Taking out student loans is a common way to fund one’s education in the U.S. According to the Brookings Institution, about one in every eight Americans has student loans.
Perhaps you’re currently among them, or you’re planning to take out student loans in the near future. You have two main options to consider if so: federal student loans and private student loans. Understanding the differences between the two may play a critical role in your education and your finances.
Federal Student Loans: What You Need to Know
The U.S. Department of Education offers financial assistance to students through such loans as:
- Direct Subsidized Loans
- Direct Unsubsidized Loans
- Direct PLUS Loans
The government offers Direct Subsidized Loans and Direct Unsubsidized Loans to undergraduate students. The government offers Direct PLUS Loans to students in graduate and professional programs, and also offers a version of such loans to parents who will help pay for their children’s education.
Private Student Loans: Essential Information
Various private lenders may also offer student loans. Examples of such lenders include (but are not necessarily limited to) the following:
- Universities and other educational institutions
- Credit unions
Additionally, some state agencies may offer loans.
Benefits of Federal Student Loans
Federal student loans offer a range of advantages that private student loans may not offer. They include:
- Lower interest rates, as Congress establishes limits for federal student loan interest rates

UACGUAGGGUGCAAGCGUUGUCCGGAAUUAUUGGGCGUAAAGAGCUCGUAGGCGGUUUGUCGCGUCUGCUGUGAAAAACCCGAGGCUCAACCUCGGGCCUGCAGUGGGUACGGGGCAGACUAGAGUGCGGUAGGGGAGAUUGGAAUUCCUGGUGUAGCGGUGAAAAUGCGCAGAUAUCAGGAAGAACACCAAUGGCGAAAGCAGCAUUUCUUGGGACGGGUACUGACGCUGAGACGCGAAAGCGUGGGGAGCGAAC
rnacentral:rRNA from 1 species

- Repayment plans that may account for such factors as family size and income
- Loan forgiveness programs for those who meet certain qualifications
- The option to potentially suspend loan payments for a period of time if you experience unanticipated financial hardship
These are among the key reasons many students first consider federal student loans before taking out private loans. However, there are instances in which taking out private loans may be necessary.
Reasons to Take Out Private Student Loans
Although interest rates for private student loans may be higher than those for federal student loans and repayment plans may not offer the same degree of flexibility, a student might nevertheless choose to take out a private loan for such reasons as:
- Covering costs they are unable to cover through federal loans
- Receiving funds more quickly, as some private lenders disburse student loans more quickly than the government does.
There may also be circumstances in which a student is able to work out more favorable repayment options through a private lender. For instance, although repayment options for federal student loans tend to be more flexible, if a student works through a local credit union, the lender may know them well enough that they’re willing to tailor a repayment plan to their needs and situation.
Choosing Between Federal Student Loans and Private Student Loans: Factors to Consider
No single blog entry or overview can tell you whether you should take our federal student loans, private student loans, or both. That said, when making this decision, you’ll be more likely to make the right choice for you by accounting for such factors as:
- How quickly you need the funds
- Whether you have a relationship with a private lender that might work in your favor
- Whether you meet the eligibility requirements for particular loans
- The full extent of your financial need
- Your credit history, as a private lender will likely need to perform a credit check before approving a loan
Be aware that taking out student loans also isn’t your only option for funding an education. You may qualify for scholarships, or you might even be able to borrow money from a close family member or friend if you are confident in your ability to eventually pay them back.
The main point to remember is that conducting thorough research is always smart when sorting through your student loan options. If you take your time to weigh your options now, your odds of being happy with your student loan situation in the future will be greater.
Debt Legal Defense is a San Antonio law firm offering student loan relief and defense services.